Why Are Cats Such Picky Eaters? New Study May Have Answers

Cat with food bowl

Finicky felines. Picky pussycats. Critical kitties.  If you share your home with a cat, chances are you’ve been victimized by an upturned nose or cold stare after offering a new food. For years we’ve chalked this up to “cats being cats” and simply expanded our buffet selections. New science published in BMC Neuroscience proves our feline’s taste buds are more different from our own than previously believed. Now if I can only get my cat to stop staring at me.

What cats like to eat
We’ve known cats ignore sweet flavors for some time. A study published in the 2006 Journal of Nutrition concluded a cat’s palate preferred proteins, snubbed sweets, and shunned sour and bitter flavors. Avoiding acidic and astringent tastes serves to protect felidae from eating spoiled meats or gobbling a toxic morsel. Until now, we only knew cats could taste bitter foods; we didn’t know if their taste differed from humans. A group of petfood scientists set out to sample this sharp and savory subject. [Editor's note: We at Pet Health Network take no responsibility for Dr. Ward's flavorful pun.]

Why understand how cats receive and process flavor?
Understanding how and why a cat perceives flavor is very important to petfood manufacturers. Important because if you launch a new cat food that cats don’t love, you’re out of business. The petfood business is worth nearly $50 billion so mistakes aren’t cheap. From a medical standpoint, I’m interested in these matters for two main reasons:

  1. Uncovering new biology helps veterinarians develop better disease tests and treatments;
  2. More palatable foods allow us to better satisfy the appetites of dogs and cats, aiding me in the fight against pet (and human) obesity. So what did these lab scientists find?

The initial research
Before we get to their conclusions, it’s important to point out this research was not conducted on live cats. In fact, it wasn’t performed on cats at all. Rather, the clever intellects used fancy cell cultures and gene analysis instead of persnickety pussycats. Before you ask why didn’t they use real cats, remember a cat’s previous exposure to tastes would influence those results. A cat fed a more bitter diet could potentially be less sensitive to subtle sours. The cellular responses are not biased by previous food and flavor contact. And so the examiners peered into their Petri dishes.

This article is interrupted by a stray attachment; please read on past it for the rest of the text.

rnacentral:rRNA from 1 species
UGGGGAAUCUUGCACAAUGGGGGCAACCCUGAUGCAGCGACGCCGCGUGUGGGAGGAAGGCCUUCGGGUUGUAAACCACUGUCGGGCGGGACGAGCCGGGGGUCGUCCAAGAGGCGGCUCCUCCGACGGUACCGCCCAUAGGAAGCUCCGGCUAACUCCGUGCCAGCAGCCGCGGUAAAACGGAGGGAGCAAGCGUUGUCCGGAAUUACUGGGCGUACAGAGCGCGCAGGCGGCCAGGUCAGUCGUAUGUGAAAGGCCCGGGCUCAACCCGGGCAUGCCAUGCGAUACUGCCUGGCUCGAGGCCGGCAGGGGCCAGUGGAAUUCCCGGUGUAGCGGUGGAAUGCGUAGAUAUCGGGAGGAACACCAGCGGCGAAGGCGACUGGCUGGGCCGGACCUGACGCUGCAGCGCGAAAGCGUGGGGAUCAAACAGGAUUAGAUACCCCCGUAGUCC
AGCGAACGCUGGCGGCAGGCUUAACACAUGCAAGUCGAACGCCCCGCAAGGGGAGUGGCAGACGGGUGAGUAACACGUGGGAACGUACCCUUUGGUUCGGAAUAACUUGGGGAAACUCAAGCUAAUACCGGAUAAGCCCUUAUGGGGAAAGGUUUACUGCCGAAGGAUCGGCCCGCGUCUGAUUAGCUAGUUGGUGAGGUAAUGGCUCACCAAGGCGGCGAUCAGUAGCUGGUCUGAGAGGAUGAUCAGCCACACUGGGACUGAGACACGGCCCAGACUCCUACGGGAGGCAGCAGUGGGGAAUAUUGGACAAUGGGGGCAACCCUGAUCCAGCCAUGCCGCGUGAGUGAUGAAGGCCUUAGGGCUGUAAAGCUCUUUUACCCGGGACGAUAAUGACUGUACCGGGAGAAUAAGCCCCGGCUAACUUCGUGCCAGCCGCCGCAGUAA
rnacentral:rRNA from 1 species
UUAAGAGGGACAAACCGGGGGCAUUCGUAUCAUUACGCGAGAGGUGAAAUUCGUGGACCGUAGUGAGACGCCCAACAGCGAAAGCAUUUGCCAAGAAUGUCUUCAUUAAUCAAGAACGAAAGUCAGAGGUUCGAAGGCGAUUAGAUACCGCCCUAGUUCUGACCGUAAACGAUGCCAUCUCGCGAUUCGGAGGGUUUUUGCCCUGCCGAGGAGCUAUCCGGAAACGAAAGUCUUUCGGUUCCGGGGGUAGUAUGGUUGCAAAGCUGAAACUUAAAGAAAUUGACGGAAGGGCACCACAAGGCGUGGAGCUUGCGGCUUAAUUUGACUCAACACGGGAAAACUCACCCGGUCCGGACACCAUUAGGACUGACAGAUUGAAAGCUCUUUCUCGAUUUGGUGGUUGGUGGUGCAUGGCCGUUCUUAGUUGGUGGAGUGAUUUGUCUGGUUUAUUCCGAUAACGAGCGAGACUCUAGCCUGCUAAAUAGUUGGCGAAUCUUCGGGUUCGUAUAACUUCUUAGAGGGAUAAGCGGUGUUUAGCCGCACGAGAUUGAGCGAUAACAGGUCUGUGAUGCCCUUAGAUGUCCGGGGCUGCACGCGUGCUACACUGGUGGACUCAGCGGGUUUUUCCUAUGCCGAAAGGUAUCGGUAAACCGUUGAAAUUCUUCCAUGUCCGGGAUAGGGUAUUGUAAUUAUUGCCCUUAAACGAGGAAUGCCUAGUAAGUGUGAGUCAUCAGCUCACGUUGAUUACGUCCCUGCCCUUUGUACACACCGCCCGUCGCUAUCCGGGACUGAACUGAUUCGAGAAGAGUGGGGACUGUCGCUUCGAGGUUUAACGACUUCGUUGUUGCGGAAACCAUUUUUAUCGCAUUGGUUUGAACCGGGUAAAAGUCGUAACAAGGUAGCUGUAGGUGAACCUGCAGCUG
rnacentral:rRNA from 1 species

What they found
In a nutshell, the researchers determined that cat taste receptors failed to respond to many tastes humans found really yucky or bitter. Ingredients we find repulsive such as saccharine and aloin, from the aloe plant, barely elicited a response by feline taste buds. In contrast, cats really reviled at the hint of denatonium, a bitter substance added to antifreeze and rat poison to deter accidental ingestion. Felines’ response to denatonium was so significant that adding it to additional products may prevent more unintentional poisonings formerly believed. These findings will also help us design tastier medications, support the treatment of certain behavioral conditions, and create more flavorful foods.

What's next?
This research will potentially benefit cats and humans in other ways, too. First, knowing how sensitive cats are to denatonium may lead to safer products. Second, understanding cats’ tastes offers an opportunity to create more appetizing nourishment for them. Finally, recognizing the differences between humans and pets aides us in making them more comfortable and happier. That’s my goal, to make the lives of pets and people happier. And if my cat is happier, hopefully she’ll stop staring at me.

If you have any questions or concerns, you should always visit or call your veterinarian – they are your best resource to ensure the health and well-being of your pets.

Reviewed on: 
Friday, June 5, 2015